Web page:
Local Antibiotics After Spinal Surgery Reduce Infection

Less infection when wounds are treated prophylactically with controlled-release antibiotics

THURSDAY, Mar. 12 (HealthDay News) -- Rabbits have reduced levels of infection after spinal surgery if the wounds are prophylactically treated with antibiotic-containing controlled-release microspheres, according to a study in the Mar. 1 issue of Spine.

Alec C. Stall, M.D., and colleagues from the University of Maryland in Baltimore produced spinal implant injury in rabbits at three separate sites per animal, treated two sites prophylactically for infection with gentamicin administered locally in controlled-release microspheres and the other site with microspheres alone. Then each wound was infected with Staphylococcus aureus to mimic infection after spinal surgery. The rabbits also received systemic antibiotic prophylaxis.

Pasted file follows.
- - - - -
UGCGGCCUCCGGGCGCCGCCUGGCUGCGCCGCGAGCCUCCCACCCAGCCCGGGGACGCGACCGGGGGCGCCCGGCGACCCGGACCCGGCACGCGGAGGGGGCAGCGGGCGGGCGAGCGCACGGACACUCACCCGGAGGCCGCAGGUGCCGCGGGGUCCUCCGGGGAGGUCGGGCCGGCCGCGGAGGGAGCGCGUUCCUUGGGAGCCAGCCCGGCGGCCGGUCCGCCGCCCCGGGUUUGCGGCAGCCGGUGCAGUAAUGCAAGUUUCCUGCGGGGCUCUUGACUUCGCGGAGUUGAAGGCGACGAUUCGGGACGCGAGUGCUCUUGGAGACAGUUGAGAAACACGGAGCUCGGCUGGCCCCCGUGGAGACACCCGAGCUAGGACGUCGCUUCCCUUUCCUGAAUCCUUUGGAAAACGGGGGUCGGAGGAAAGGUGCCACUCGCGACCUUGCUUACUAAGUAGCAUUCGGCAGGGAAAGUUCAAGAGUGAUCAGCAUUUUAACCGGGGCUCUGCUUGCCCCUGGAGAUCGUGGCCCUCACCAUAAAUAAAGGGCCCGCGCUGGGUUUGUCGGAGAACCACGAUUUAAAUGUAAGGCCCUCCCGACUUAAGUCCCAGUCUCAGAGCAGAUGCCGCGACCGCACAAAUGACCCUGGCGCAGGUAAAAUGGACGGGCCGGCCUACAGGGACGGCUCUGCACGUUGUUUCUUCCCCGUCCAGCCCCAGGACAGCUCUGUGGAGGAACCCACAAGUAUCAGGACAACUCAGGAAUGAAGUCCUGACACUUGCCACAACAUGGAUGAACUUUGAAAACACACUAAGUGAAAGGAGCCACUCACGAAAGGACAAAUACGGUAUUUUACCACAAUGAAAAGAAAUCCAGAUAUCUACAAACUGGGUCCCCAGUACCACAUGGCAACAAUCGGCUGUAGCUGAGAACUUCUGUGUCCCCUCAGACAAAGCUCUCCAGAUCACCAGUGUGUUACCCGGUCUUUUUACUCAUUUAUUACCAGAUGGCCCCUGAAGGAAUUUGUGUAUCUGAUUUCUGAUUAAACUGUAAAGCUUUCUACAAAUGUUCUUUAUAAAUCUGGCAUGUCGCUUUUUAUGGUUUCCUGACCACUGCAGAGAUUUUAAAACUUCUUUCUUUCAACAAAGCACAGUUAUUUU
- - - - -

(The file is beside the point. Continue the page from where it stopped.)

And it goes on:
After seven days, the researchers found that 75 percent of sites receiving bacteria alone were infected. That number declined to 38 percent of sites in the same animal treated with gentamicin microspheres. In sites challenged with bacteria, biomaterial-centered infection fell from 58 percent to 23 percent.

"Postoperative, biomaterial-centered infection was reduced at least 50 percent with intraoperative gentamicin microspheres in the face of systemic cephalosporin prophylaxis and high dose S. aureus in a laminectomy defect in rabbits," Stall and colleagues conclude.

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